Taking Informed Action

Taking Informed
Action


Understand Investigate a current “unfinished revolution,” focusing on a group of people who are currently trying to revolutionize some aspect of society. This could be an additional political revolution but could also be an economic, social, or even technological revolution.

Assess Examine the extent to which the current attempt at revolution is successful and state one’s personal stance on the justification for the revolution or whether it is, in fact, a revolution.

Act Write an editorial for the school or local newspaper on a current “unfinished revolution.” Within the editorial, students could discuss their positions on the efforts of those trying to revolutionize and the extent to which those efforts are currently successful.

Taking informed action can manifest itself in a variety of forms and in a range of venues: Students may express action through discussions, debates, surveys, video productions, and the like; these actions may take place in the classroom, in the school, in the local community, across the state, and around the world. The three activities described in this inquiry represent a logic that asks students to (1) understand the issues evident from the inquiry in a larger and current context, (2) assess the relevance and impact of the issues, and (3) act in ways that allow students to demonstrate agency in a real-world context.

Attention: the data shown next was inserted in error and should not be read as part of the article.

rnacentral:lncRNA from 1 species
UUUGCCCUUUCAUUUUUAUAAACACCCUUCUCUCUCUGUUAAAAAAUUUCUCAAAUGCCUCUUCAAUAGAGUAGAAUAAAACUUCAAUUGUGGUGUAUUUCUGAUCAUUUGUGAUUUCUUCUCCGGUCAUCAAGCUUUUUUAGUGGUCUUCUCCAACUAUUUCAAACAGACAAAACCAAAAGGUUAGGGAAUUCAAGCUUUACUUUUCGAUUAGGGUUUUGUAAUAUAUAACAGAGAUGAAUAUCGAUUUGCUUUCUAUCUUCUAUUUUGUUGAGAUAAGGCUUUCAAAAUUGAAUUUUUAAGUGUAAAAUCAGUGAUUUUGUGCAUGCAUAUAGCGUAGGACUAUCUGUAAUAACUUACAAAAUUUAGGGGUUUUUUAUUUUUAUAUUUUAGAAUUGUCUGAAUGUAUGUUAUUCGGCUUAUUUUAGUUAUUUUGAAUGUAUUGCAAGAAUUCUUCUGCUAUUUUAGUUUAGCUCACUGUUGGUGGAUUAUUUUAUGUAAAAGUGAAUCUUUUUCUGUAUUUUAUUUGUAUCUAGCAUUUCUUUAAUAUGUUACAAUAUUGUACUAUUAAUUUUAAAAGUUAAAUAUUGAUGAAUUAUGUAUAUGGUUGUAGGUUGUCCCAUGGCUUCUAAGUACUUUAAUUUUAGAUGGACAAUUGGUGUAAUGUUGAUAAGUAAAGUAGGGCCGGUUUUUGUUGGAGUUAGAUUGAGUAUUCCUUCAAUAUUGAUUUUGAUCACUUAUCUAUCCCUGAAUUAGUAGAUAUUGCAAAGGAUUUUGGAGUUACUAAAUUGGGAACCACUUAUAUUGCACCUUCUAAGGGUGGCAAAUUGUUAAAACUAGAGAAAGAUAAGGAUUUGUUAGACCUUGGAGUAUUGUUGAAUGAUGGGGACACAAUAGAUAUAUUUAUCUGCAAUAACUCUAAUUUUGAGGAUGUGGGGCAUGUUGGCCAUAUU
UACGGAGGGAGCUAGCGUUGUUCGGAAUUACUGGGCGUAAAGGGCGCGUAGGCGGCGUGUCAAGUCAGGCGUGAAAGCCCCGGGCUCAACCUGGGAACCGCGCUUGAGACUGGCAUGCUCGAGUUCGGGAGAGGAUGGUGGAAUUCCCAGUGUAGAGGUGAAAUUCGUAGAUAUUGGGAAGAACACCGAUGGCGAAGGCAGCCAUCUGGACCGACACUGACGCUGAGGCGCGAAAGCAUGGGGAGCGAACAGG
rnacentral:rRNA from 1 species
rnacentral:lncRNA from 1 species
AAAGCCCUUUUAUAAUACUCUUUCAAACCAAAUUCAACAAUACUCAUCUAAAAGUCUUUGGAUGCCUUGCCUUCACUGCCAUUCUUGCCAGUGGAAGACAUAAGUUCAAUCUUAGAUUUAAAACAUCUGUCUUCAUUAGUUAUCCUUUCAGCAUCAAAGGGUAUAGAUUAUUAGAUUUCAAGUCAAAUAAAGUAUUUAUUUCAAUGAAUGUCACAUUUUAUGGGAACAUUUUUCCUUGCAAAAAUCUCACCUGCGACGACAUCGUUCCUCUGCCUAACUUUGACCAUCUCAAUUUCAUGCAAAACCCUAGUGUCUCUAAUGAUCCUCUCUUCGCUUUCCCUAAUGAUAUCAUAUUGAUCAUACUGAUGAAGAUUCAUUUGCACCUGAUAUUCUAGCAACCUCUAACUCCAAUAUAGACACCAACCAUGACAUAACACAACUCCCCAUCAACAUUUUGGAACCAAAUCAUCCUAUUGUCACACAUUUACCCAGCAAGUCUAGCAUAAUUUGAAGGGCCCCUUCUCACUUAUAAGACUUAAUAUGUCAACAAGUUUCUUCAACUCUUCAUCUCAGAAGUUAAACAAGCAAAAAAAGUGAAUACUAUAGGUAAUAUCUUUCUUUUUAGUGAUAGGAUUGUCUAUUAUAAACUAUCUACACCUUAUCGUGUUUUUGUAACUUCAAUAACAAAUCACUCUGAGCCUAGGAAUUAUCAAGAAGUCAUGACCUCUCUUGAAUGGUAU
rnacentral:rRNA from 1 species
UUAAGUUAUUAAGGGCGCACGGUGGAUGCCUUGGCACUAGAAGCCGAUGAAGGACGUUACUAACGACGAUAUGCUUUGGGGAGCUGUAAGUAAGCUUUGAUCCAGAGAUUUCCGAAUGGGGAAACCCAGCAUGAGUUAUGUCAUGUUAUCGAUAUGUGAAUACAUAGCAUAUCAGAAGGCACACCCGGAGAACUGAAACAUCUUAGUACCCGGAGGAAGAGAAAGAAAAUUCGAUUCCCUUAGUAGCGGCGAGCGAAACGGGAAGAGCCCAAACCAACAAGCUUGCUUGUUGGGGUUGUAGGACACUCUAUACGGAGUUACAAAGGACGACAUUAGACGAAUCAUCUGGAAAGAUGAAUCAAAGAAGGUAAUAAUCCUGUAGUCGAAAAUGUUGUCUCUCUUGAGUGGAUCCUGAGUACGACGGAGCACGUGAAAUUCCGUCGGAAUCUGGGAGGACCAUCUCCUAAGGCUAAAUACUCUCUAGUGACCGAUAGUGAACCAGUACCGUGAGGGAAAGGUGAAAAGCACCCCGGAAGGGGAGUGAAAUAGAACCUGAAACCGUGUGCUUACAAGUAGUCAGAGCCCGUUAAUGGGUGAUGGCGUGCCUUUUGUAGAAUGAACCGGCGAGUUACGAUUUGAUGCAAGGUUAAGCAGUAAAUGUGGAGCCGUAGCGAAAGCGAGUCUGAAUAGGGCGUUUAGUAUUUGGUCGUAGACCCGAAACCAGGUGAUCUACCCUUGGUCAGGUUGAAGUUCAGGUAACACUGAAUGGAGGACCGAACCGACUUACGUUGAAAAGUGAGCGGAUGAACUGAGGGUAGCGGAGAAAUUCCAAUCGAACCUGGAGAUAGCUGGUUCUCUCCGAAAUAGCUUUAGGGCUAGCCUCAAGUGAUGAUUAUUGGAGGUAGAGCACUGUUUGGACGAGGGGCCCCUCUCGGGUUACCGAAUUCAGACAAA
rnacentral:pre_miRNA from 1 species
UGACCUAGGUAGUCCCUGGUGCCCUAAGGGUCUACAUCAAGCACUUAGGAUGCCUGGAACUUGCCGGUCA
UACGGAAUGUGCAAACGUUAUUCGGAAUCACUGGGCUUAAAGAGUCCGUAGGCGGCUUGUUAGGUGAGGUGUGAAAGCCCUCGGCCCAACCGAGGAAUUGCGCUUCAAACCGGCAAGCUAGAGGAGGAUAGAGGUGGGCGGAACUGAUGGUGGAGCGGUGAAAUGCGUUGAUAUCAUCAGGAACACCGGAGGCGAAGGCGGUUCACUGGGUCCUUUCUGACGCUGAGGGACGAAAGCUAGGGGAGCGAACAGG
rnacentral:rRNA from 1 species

For this inquiry, students draw on their conceptual understanding of the term “revolution” to think about the nature of contemporary revolutions. Clearly, there are many modern-day examples of political revolutions they could investigate, but they should also consider other types of revolutions, including economic, social, or even technological revolutions. In this way, students will be able to transfer their knowledge around the French Revolution to other contexts, evaluating the ways in which revolutions can be similar or different and ultimately successful or not.

To understand the situation, students could identify a current unfinished revolution, focusing on a group of people who are currently trying to revolutionize some element or aspect of contemporary society. They might select a political revolution (e.g., Egypt), but students might also choose a social, economic, or technological revolution. Students should read about the effort and assess the extent to which this group has been successful and the challenges they currently face. Additionally, students should take a stand on the revolution, taking into account their personal reactions and support of the revolutionary effort. In doing so, they may also consider the overuse of the term “revolution” and the extent to which the effort is, in fact, revolutionary. Lastly, students could write an editorial for the school or local newspaper. Within the editorial, students might discuss their positions on the efforts of those engaged in revolution and the extent to which those efforts are currently successful.